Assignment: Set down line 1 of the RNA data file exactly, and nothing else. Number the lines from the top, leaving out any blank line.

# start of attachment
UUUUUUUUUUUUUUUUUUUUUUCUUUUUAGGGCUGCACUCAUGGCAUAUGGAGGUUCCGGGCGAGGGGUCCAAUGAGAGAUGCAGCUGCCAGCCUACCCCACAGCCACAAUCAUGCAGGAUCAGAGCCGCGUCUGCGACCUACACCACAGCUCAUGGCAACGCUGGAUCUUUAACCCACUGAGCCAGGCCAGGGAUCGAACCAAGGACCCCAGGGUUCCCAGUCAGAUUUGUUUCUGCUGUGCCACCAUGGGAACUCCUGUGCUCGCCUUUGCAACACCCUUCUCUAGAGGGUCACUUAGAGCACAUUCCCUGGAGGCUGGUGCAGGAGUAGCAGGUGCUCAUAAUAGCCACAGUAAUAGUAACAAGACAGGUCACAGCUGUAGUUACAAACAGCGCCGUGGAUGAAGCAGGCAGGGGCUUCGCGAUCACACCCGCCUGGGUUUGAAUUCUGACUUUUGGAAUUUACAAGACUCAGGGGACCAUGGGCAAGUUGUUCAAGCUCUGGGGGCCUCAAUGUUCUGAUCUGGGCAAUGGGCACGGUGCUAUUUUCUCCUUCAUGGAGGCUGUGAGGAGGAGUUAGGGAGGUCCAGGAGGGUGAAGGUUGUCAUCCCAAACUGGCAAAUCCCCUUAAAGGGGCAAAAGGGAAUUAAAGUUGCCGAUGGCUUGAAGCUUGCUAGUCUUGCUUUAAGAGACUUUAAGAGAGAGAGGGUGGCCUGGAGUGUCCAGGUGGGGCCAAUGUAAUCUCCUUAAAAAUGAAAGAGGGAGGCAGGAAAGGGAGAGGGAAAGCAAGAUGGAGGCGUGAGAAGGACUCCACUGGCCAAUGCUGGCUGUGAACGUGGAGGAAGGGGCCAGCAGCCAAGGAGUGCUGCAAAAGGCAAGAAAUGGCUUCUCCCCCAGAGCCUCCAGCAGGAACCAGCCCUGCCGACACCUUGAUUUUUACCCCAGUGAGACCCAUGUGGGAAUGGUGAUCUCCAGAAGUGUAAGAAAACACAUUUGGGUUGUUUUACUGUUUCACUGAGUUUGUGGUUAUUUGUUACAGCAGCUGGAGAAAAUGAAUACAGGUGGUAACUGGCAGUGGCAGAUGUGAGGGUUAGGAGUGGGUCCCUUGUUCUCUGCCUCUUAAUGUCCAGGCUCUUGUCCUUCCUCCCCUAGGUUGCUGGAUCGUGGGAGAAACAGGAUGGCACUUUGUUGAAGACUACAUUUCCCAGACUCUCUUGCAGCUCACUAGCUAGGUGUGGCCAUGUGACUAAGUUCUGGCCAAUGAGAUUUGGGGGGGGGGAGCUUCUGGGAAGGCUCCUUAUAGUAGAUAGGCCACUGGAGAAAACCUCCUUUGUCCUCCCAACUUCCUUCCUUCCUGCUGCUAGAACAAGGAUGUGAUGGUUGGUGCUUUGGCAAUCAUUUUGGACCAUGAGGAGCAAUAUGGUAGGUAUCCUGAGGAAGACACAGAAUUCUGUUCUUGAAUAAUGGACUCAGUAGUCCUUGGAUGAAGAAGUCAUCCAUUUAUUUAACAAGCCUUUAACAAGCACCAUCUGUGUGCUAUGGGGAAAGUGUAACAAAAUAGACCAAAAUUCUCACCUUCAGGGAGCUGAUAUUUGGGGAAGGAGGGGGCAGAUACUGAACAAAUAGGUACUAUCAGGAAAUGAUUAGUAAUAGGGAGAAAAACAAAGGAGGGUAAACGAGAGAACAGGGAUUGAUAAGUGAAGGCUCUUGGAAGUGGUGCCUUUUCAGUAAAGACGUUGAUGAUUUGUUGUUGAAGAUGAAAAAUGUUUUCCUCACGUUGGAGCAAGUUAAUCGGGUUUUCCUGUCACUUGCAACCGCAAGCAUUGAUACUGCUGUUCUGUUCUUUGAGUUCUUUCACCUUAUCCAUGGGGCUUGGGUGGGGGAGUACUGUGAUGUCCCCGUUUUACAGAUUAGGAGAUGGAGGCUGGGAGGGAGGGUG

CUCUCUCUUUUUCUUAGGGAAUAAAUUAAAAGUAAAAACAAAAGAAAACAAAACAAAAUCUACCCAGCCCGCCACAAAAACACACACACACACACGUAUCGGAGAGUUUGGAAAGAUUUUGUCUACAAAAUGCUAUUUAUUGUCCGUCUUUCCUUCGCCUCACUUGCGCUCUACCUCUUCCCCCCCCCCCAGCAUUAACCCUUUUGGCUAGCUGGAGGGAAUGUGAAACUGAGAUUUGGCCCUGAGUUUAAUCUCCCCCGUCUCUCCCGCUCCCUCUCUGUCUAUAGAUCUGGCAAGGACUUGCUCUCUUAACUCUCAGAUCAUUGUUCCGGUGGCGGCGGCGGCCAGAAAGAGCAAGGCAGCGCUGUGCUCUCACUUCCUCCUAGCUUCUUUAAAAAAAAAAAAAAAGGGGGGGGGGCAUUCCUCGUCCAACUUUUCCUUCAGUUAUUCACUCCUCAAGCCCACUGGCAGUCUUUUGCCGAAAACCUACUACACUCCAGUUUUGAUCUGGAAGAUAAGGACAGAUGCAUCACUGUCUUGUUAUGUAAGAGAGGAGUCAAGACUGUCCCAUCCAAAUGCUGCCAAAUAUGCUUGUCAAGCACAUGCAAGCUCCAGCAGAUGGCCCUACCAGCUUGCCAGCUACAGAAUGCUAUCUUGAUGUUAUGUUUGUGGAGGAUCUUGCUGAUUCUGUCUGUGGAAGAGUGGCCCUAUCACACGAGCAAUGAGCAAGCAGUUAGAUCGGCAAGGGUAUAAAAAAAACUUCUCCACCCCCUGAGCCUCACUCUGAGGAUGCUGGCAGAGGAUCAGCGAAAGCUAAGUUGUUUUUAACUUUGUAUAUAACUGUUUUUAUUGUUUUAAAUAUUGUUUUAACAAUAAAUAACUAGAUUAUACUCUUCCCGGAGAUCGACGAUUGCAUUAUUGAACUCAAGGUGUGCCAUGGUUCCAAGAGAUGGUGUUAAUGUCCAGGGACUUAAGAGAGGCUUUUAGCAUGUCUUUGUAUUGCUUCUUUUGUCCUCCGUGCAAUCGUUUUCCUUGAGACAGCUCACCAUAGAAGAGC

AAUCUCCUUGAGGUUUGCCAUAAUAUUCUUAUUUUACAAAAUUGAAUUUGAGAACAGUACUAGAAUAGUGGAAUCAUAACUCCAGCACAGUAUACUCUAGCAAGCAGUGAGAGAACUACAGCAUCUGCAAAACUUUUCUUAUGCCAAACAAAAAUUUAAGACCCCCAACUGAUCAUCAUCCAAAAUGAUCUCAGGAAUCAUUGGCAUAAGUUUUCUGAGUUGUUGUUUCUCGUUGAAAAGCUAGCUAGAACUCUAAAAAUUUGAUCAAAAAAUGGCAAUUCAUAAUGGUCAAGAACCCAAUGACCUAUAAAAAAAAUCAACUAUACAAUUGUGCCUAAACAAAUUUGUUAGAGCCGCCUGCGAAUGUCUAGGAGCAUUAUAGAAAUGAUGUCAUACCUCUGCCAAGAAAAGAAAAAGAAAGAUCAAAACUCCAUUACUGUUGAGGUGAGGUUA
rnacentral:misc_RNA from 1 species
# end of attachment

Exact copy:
UUUUUUUUUUUUUUUUUUUUUUCUUUUUAGGGCUGCACUCAUGGCAUAUGGAGGUUCCGGGCGAGGGGUCCAAUGAGAGAUGCAGCUGCCAGCCUACCCCACAGCCACAAUCAUGCAGGAUCAGAGCCGCGUCUGCGACCUACACCACAGCUCAUGGCAACGCUGGAUCUUUAACCCACUGAGCCAGGCCAGGGAUCGAACCAAGGACCCCAGGGUUCCCAGUCAGAUUUGUUUCUGCUGUGCCACCAUGGGAACUCCUGUGCUCGCCUUUGCAACACCCUUCUCUAGAGGGUCACUUAGAGCACAUUCCCUGGAGGCUGGUGCAGGAGUAGCAGGUGCUCAUAAUAGCCACAGUAAUAGUAACAAGACAGGUCACAGCUGUAGUUACAAACAGCGCCGUGGAUGAAGCAGGCAGGGGCUUCGCGAUCACACCCGCCUGGGUUUGAAUUCUGACUUUUGGAAUUUACAAGACUCAGGGGACCAUGGGCAAGUUGUUCAAGCUCUGGGGGCCUCAAUGUUCUGAUCUGGGCAAUGGGCACGGUGCUAUUUUCUCCUUCAUGGAGGCUGUGAGGAGGAGUUAGGGAGGUCCAGGAGGGUGAAGGUUGUCAUCCCAAACUGGCAAAUCCCCUUAAAGGGGCAAAAGGGAAUUAAAGUUGCCGAUGGCUUGAAGCUUGCUAGUCUUGCUUUAAGAGACUUUAAGAGAGAGAGGGUGGCCUGGAGUGUCCAGGUGGGGCCAAUGUAAUCUCCUUAAAAAUGAAAGAGGGAGGCAGGAAAGGGAGAGGGAAAGCAAGAUGGAGGCGUGAGAAGGACUCCACUGGCCAAUGCUGGCUGUGAACGUGGAGGAAGGGGCCAGCAGCCAAGGAGUGCUGCAAAAGGCAAGAAAUGGCUUCUCCCCCAGAGCCUCCAGCAGGAACCAGCCCUGCCGACACCUUGAUUUUUACCCCAGUGAGACCCAUGUGGGAAUGGUGAUCUCCAGAAGUGUAAGAAAACACAUUUGGGUUGUUUUACUGUUUCACUGAGUUUGUGGUUAUUUGUUACAGCAGCUGGAGAAAAUGAAUACAGGUGGUAACUGGCAGUGGCAGAUGUGAGGGUUAGGAGUGGGUCCCUUGUUCUCUGCCUCUUAAUGUCCAGGCUCUUGUCCUUCCUCCCCUAGGUUGCUGGAUCGUGGGAGAAACAGGAUGGCACUUUGUUGAAGACUACAUUUCCCAGACUCUCUUGCAGCUCACUAGCUAGGUGUGGCCAUGUGACUAAGUUCUGGCCAAUGAGAUUUGGGGGGGGGGAGCUUCUGGGAAGGCUCCUUAUAGUAGAUAGGCCACUGGAGAAAACCUCCUUUGUCCUCCCAACUUCCUUCCUUCCUGCUGCUAGAACAAGGAUGUGAUGGUUGGUGCUUUGGCAAUCAUUUUGGACCAUGAGGAGCAAUAUGGUAGGUAUCCUGAGGAAGACACAGAAUUCUGUUCUUGAAUAAUGGACUCAGUAGUCCUUGGAUGAAGAAGUCAUCCAUUUAUUUAACAAGCCUUUAACAAGCACCAUCUGUGUGCUAUGGGGAAAGUGUAACAAAAUAGACCAAAAUUCUCACCUUCAGGGAGCUGAUAUUUGGGGAAGGAGGGGGCAGAUACUGAACAAAUAGGUACUAUCAGGAAAUGAUUAGUAAUAGGGAGAAAAACAAAGGAGGGUAAACGAGAGAACAGGGAUUGAUAAGUGAAGGCUCUUGGAAGUGGUGCCUUUUCAGUAAAGACGUUGAUGAUUUGUUGUUGAAGAUGAAAAAUGUUUUCCUCACGUUGGAGCAAGUUAAUCGGGUUUUCCUGUCACUUGCAACCGCAAGCAUUGAUACUGCUGUUCUGUUCUUUGAGUUCUUUCACCUUAUCCAUGGGGCUUGGGUGGGGGAGUACUGUGAUGUCCCCGUUUUACAGAUUAGGAGAUGGAGGCUGGGAGGGAGGGUG